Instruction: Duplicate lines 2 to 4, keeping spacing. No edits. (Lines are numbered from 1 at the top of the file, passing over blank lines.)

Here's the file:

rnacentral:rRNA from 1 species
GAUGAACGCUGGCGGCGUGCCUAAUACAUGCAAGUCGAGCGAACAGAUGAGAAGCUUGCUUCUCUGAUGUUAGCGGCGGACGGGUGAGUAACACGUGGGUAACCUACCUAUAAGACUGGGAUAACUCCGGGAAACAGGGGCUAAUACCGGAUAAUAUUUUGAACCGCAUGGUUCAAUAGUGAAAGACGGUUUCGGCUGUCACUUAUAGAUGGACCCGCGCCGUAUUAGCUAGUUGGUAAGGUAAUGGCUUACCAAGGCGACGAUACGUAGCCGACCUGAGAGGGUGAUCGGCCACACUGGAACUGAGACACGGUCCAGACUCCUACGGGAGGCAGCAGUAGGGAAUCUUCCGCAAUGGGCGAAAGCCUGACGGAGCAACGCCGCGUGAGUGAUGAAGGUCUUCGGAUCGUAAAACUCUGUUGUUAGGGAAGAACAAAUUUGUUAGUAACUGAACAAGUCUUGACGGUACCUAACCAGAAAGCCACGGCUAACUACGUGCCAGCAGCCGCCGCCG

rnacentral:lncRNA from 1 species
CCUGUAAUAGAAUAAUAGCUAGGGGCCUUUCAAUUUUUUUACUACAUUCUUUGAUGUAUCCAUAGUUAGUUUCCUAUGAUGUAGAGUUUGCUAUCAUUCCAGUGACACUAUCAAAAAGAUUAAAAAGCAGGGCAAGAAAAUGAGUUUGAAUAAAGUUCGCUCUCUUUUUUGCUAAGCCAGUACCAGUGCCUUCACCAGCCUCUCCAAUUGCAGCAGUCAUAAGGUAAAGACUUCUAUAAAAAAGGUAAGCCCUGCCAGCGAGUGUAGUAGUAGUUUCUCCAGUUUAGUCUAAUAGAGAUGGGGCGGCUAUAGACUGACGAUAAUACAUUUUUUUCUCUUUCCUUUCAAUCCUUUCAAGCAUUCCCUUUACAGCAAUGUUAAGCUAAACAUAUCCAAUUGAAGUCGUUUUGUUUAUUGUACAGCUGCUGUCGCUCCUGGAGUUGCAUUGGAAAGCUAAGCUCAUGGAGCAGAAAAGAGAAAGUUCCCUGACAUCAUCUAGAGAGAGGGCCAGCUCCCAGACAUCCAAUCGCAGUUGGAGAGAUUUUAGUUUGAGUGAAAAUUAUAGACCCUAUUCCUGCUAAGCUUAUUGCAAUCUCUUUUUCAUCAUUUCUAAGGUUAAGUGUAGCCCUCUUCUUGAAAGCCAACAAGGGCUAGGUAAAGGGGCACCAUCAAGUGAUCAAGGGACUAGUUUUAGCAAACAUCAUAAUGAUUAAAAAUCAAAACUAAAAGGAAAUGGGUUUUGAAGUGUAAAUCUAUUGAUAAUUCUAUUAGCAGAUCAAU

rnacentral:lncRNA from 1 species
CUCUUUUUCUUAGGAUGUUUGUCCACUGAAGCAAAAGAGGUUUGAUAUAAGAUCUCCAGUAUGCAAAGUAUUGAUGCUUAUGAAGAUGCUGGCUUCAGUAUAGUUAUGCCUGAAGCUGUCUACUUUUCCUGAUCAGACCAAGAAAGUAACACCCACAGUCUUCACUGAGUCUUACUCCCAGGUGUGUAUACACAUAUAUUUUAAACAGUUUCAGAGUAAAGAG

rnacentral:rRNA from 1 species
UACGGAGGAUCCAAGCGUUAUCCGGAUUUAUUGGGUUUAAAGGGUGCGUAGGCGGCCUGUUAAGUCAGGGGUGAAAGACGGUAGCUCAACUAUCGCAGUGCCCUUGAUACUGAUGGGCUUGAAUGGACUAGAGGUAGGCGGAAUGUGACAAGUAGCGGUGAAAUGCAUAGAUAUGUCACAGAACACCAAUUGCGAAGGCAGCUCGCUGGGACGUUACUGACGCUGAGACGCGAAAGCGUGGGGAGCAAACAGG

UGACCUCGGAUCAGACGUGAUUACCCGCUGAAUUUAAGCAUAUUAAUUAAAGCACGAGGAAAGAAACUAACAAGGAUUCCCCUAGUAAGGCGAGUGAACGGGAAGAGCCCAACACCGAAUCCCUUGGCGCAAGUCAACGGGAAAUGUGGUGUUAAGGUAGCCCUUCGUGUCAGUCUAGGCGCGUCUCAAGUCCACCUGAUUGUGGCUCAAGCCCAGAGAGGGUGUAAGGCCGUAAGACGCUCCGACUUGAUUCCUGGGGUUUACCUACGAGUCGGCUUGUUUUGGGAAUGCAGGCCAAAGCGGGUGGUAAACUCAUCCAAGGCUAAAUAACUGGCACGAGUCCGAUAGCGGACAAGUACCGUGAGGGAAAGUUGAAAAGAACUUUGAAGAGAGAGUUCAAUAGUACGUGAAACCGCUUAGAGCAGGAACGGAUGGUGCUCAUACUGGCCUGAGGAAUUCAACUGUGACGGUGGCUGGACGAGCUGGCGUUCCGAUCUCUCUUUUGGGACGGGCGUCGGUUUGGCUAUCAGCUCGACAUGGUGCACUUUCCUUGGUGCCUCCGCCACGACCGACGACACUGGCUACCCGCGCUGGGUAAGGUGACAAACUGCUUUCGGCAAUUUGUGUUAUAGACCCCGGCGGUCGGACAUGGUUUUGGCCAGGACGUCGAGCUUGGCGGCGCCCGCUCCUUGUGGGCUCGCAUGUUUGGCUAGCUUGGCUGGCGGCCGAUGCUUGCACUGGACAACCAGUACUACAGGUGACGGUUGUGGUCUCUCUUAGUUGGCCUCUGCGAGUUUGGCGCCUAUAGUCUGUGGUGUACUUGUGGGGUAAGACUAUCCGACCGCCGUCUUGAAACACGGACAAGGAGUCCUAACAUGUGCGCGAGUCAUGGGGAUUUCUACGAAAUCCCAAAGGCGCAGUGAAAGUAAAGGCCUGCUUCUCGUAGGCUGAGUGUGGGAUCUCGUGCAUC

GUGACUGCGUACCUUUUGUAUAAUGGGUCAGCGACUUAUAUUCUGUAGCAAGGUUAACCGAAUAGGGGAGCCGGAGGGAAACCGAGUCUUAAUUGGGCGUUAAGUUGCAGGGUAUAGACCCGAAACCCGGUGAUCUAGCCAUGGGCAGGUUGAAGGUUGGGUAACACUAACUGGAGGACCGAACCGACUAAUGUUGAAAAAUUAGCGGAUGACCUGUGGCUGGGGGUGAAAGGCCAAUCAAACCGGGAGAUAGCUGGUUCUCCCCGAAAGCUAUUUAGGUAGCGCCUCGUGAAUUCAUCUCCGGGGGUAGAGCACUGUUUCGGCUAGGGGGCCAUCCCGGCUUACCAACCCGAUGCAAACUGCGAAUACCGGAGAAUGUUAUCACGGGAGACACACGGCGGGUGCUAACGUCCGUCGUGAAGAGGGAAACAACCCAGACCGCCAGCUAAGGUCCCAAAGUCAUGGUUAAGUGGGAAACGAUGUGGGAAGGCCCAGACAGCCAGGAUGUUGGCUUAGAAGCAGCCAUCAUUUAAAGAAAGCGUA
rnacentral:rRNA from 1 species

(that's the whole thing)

GAUGAACGCUGGCGGCGUGCCUAAUACAUGCAAGUCGAGCGAACAGAUGAGAAGCUUGCUUCUCUGAUGUUAGCGGCGGACGGGUGAGUAACACGUGGGUAACCUACCUAUAAGACUGGGAUAACUCCGGGAAACAGGGGCUAAUACCGGAUAAUAUUUUGAACCGCAUGGUUCAAUAGUGAAAGACGGUUUCGGCUGUCACUUAUAGAUGGACCCGCGCCGUAUUAGCUAGUUGGUAAGGUAAUGGCUUACCAAGGCGACGAUACGUAGCCGACCUGAGAGGGUGAUCGGCCACACUGGAACUGAGACACGGUCCAGACUCCUACGGGAGGCAGCAGUAGGGAAUCUUCCGCAAUGGGCGAAAGCCUGACGGAGCAACGCCGCGUGAGUGAUGAAGGUCUUCGGAUCGUAAAACUCUGUUGUUAGGGAAGAACAAAUUUGUUAGUAACUGAACAAGUCUUGACGGUACCUAACCAGAAAGCCACGGCUAACUACGUGCCAGCAGCCGCCGCCG

rnacentral:lncRNA from 1 species
CCUGUAAUAGAAUAAUAGCUAGGGGCCUUUCAAUUUUUUUACUACAUUCUUUGAUGUAUCCAUAGUUAGUUUCCUAUGAUGUAGAGUUUGCUAUCAUUCCAGUGACACUAUCAAAAAGAUUAAAAAGCAGGGCAAGAAAAUGAGUUUGAAUAAAGUUCGCUCUCUUUUUUGCUAAGCCAGUACCAGUGCCUUCACCAGCCUCUCCAAUUGCAGCAGUCAUAAGGUAAAGACUUCUAUAAAAAAGGUAAGCCCUGCCAGCGAGUGUAGUAGUAGUUUCUCCAGUUUAGUCUAAUAGAGAUGGGGCGGCUAUAGACUGACGAUAAUACAUUUUUUUCUCUUUCCUUUCAAUCCUUUCAAGCAUUCCCUUUACAGCAAUGUUAAGCUAAACAUAUCCAAUUGAAGUCGUUUUGUUUAUUGUACAGCUGCUGUCGCUCCUGGAGUUGCAUUGGAAAGCUAAGCUCAUGGAGCAGAAAAGAGAAAGUUCCCUGACAUCAUCUAGAGAGAGGGCCAGCUCCCAGACAUCCAAUCGCAGUUGGAGAGAUUUUAGUUUGAGUGAAAAUUAUAGACCCUAUUCCUGCUAAGCUUAUUGCAAUCUCUUUUUCAUCAUUUCUAAGGUUAAGUGUAGCCCUCUUCUUGAAAGCCAACAAGGGCUAGGUAAAGGGGCACCAUCAAGUGAUCAAGGGACUAGUUUUAGCAAACAUCAUAAUGAUUAAAAAUCAAAACUAAAAGGAAAUGGGUUUUGAAGUGUAAAUCUAUUGAUAAUUCUAUUAGCAGAUCAAU